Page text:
RZ: We do have flashbacks from the music videos. You know the ones that you're shooting at three o'clock in the morning and then freezing. Rihanna's in a water tank, and we're freezing and only can imagine what she's going through. You hear those songs on the radio still, and you're shivering and have PTSD. 

Can we talk about designing and creating for the stage versus a red carpet? She has to move and dance and do things. What is the process like when you're doing something for the stage like [Gwen Stefani's Vegas residency]? How is it different than a red carpet moment?

MH: It couldn't be any more different. Red carpet, you just have to look good for a couple of hours and stand still and take a good picture and find your best angle. On stage, you have to move, sing, breathe, dance, run, quick change, gag if there's a gag involved. Your brain has to open up all these different files that all have to connect in order to make it successful. A lot of times, the gag is on wardrobe—no pressure for us—but how do we go from this look to that look on stage in three seconds?

RZ: And be able to see it from, you know, 100 yards back. 

MH: And it has to look good. Don't forget. It has to look good. 

RZ: I remember back in my MTV days I was dressing somebody, and they were like, "Well, I can't wear a belt because it'll scratch my guitar." There's so much of that stuff where every single thing needs to be checked off. 

MH: Your corset can't be too tight; otherwise, you can’t sing.

This interview has been edited and condensed for clarity. Next up, check out our previous episode featuring celebrity manicurist Tom Bachik.

Source : Who What Wear More   

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Craftcore Is the Latest Fashion Aesthetic to Emerge—Let's Dive In

Time to embrace your artsy side.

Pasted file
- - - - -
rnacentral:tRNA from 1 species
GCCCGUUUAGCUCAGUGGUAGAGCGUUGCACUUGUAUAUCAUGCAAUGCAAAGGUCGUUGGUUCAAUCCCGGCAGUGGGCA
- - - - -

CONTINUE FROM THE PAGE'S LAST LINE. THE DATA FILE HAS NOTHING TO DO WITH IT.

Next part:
Craftcore Is the Latest Fashion Aesthetic to Emerge—Let's Dive In

For the past few seasons, we've seen a resurgence in '60s and '70s trends on the runways, which brought homespun and handicraft elements back into the spotlight. Undoubtedly, details like crochet, patchwork, and embroidery have been gaining popularity among the fashion set, and free-spirited pieces are being spotted all over Instagram. As these retro themes were taking hold of the fashion world, younger-generation TikTokers were sparking a DIY movement with deadstock, eco-conscious, and thrifted pieces. At the convergence of the two is a larger fashion aesthetic dubbed "craftcore."

As the name suggests, craftcore centers anything with handmade or upcycled elements, which happen to be so fun for summer. Some key themes to look out for in the market include crochet cardigans and dresses, patchwork jackets, and spliced denim. Videos of homemade DIYs have popped up all over TikTok, but fashion brands are also offering their answer to the trend. "Designers such as Ulla Johnson integrate crafted practices into their ranges to echo the vintage references and homespun qualities being explored by younger DIYers on social media," noted WGSN youth strategist Marian Park. "Other brands such as Sea also elevate this notion of craft to update the look into something that is contemporary boho and more premium alternatives to cottagecore. Bode is also a brand gaining a lot of attention—it is menswear, but it's resonating with women for its handmade or custom resort shirts."

Ahead, we're breaking down the pillars of the aesthetic—beaded details, crochet, embroidery, and patchwork—and bringing you the best shopping options within each.

The Granny Tank from NYC-based brand The Series has quickly become a fashion-person favorite this summer.

How stunning is this floral pattern?

Your plain tank tops could never.

A crochet bucket hat makes so much sense for the summer.

So cool.

Wear with denim shorts now and layer over an oxford shirt come fall.

Each of Bode's stunning quilted jackets is an art piece in its own right.

The ultimate '70s retro-inspired piece.

Fun fact: This shirt was made from reconstructed vintage and antique quilts.

Easy and wearable (and it comes with a matching shirt).

Who's ready for fall?

If you're wondering what modern boho style looks like in 2021, YanYan's cool knits are it.

I mean, how charming are these rosebud decals?

A stunner.

Tach Clothing's fun-loving knits are always beloved by the fashion crowd.

This top is giving me "lavender farm in the South of France" vibes.

Cardigan season is almost here again.

We may be biased, but these sandals are perfection.

So special.

Staud's beaded bags just keep getting better and better.

Svnr designer Christina Tung creates her pieces from found and reused stones, so each one is unique.

This top is peak craftcore.

Fun loving and elevated, because you can do both.


Well, this is something else.

Next up: Prediction: These 2021 Trends Won't Fizzle Out by 2022 (But These Will)

Source : Who What Wear More